Prospects Grow Dimmer for Party Merger as Process Stalls

The end of April may well be in sight, but a long-awaited Sam Rainsy Party/Human Rights Party merger promised to be finalized this month has been stalled amid heavy criticism.

A day after Kem Sokha, HRP president, sent Sam Rainsy an open letter urging forward movement to­ward a merger, Mr Rainsy re­s­pon­ded in kind with a letter in which he accused the HRP of “publicly treating the SRP as an enemy” and having “become a CPP de facto ally.”

“[C]uriously, the HRP now joins hands with the CPP in attacking the SRP,” the letter continued.

Nhem Ponharith, a spokesman for the HRP, said yesterday that his party had not yet given up hope for a merger but feared the SRP no longer wished to move forward.

“I think that the SRP does not want to merge, and the merger might not happen because they did not keep an open mind,” he said.

Yim Sovann, spokesman for the SRP, blamed the HRP for the stalled process.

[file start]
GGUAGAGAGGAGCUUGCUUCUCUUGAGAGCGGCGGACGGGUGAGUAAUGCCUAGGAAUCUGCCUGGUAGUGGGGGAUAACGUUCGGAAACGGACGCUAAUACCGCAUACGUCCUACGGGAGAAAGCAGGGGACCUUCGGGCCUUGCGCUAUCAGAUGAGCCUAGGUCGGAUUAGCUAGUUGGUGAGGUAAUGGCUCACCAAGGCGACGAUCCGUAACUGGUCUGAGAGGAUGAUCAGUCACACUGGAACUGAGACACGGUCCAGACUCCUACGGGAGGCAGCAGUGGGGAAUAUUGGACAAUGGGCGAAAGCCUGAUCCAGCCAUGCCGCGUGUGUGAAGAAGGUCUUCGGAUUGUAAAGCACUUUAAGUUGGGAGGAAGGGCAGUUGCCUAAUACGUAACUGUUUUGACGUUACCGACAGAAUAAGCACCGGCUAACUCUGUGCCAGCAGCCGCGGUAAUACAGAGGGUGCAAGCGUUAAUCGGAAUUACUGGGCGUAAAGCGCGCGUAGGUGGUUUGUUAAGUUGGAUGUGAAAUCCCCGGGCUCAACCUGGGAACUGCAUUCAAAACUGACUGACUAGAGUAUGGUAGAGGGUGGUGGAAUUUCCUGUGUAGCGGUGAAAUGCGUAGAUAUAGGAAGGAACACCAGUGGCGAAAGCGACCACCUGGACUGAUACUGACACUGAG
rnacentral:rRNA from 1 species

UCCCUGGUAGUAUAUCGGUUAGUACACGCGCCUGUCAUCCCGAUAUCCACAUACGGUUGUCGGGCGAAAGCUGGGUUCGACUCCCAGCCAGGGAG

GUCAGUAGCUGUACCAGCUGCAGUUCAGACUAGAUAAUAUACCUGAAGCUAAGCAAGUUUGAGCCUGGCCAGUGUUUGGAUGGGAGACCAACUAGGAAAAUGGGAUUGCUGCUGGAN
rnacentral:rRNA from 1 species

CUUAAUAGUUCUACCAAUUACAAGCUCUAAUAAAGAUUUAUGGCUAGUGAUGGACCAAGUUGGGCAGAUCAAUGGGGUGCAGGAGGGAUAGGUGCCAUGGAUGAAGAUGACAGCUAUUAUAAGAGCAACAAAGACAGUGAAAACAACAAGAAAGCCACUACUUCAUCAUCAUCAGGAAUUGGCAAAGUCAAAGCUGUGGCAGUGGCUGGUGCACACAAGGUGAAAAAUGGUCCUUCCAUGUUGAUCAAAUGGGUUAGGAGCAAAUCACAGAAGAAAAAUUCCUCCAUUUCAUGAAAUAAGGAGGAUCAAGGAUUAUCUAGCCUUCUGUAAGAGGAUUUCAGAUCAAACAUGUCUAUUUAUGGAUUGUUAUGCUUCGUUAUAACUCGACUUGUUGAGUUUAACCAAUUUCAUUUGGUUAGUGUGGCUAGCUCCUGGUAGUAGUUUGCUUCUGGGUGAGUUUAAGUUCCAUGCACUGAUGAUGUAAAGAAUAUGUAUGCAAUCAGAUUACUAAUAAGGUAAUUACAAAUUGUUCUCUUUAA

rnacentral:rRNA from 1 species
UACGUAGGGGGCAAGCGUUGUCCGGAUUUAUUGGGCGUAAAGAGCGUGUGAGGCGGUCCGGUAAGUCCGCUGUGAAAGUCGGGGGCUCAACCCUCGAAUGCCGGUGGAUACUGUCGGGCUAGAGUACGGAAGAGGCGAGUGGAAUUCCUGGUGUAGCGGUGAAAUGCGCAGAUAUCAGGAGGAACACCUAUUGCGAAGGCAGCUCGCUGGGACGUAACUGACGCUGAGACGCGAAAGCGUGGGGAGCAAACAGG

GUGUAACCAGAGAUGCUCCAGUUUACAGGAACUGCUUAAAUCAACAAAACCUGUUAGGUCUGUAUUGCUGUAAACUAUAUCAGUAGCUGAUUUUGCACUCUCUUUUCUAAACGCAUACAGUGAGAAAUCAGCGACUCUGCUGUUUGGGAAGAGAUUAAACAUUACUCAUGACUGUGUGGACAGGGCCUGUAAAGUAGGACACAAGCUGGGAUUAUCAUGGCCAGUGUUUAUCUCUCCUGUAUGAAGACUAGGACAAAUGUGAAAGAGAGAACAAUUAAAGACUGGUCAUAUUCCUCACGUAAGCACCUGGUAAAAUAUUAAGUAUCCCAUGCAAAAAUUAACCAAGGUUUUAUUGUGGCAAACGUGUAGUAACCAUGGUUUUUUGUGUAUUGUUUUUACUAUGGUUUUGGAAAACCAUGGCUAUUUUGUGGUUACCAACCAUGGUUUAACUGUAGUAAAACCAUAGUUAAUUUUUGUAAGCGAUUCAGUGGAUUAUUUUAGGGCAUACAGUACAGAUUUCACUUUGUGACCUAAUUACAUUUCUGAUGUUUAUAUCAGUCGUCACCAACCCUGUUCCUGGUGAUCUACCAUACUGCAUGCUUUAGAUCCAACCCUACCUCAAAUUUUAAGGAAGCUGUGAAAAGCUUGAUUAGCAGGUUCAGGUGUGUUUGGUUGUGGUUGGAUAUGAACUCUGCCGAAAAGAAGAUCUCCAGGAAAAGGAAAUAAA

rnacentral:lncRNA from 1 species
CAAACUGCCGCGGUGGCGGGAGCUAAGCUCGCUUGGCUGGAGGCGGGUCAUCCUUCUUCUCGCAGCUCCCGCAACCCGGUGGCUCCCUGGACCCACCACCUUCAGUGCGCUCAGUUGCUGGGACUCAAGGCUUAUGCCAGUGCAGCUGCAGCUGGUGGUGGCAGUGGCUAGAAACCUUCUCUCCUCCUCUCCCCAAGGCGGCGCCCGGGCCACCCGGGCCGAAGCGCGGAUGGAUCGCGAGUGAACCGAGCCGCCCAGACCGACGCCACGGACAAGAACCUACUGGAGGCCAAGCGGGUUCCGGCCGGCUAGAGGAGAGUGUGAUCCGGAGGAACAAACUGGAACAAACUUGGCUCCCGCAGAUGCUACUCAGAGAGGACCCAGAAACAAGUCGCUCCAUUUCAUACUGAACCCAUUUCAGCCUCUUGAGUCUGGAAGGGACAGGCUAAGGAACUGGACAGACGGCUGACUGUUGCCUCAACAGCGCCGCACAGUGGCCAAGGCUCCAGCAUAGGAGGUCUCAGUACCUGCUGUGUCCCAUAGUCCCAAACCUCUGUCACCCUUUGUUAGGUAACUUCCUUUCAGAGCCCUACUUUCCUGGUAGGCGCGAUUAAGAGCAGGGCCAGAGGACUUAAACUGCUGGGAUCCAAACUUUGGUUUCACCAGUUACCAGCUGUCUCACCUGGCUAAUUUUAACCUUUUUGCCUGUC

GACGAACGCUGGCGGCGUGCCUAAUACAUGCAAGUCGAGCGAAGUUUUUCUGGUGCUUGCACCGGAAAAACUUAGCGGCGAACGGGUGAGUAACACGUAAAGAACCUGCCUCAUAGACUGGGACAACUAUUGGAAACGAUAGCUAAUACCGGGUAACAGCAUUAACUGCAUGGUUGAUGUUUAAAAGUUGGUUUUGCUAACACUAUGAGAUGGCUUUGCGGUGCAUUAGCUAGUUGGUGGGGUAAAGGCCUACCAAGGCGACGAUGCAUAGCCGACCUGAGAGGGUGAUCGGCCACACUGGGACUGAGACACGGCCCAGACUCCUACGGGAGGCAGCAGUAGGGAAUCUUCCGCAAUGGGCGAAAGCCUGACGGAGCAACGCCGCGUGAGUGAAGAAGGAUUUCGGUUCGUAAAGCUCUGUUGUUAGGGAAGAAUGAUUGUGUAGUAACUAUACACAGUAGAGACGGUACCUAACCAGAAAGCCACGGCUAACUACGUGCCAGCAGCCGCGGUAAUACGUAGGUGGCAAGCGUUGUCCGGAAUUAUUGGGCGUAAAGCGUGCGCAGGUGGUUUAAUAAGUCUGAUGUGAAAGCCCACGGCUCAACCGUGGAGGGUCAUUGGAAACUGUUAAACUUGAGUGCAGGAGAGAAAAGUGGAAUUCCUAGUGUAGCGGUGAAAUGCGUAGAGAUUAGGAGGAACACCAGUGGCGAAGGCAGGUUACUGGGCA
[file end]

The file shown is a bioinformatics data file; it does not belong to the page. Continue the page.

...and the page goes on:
“How can we merge with an enemy?” he asked. “We consider the HRP a friend, a partner. We do not say anything bad about the HRP…but they always attack us every time.”

Mr Sovann was loath to call the merger done with, but repeatedly mentioned that unless the HRP changed its behavior, it would be.

“If the behavior stays like it has been since 2008, no merger.”

Koul Panha, executive director for the Committee for Free and Fair Elections in Cambodia, said he suspected the two parties were simply not ready to come together.

“Maybe it will happen, but not on the level of the merger. Maybe something like sharing their candidate list…this level of cooperation might happen, but bigger? No.”

Mr Panha described the situation as “unfortunate,” noting that both parties likely felt undue pressure from the upcoming elections.

“These two parties have different ideas; they don’t yet have common ideologies,” he said. “If the electoral formula were changed, it would favor smaller parties. It’s a pressure on them.”


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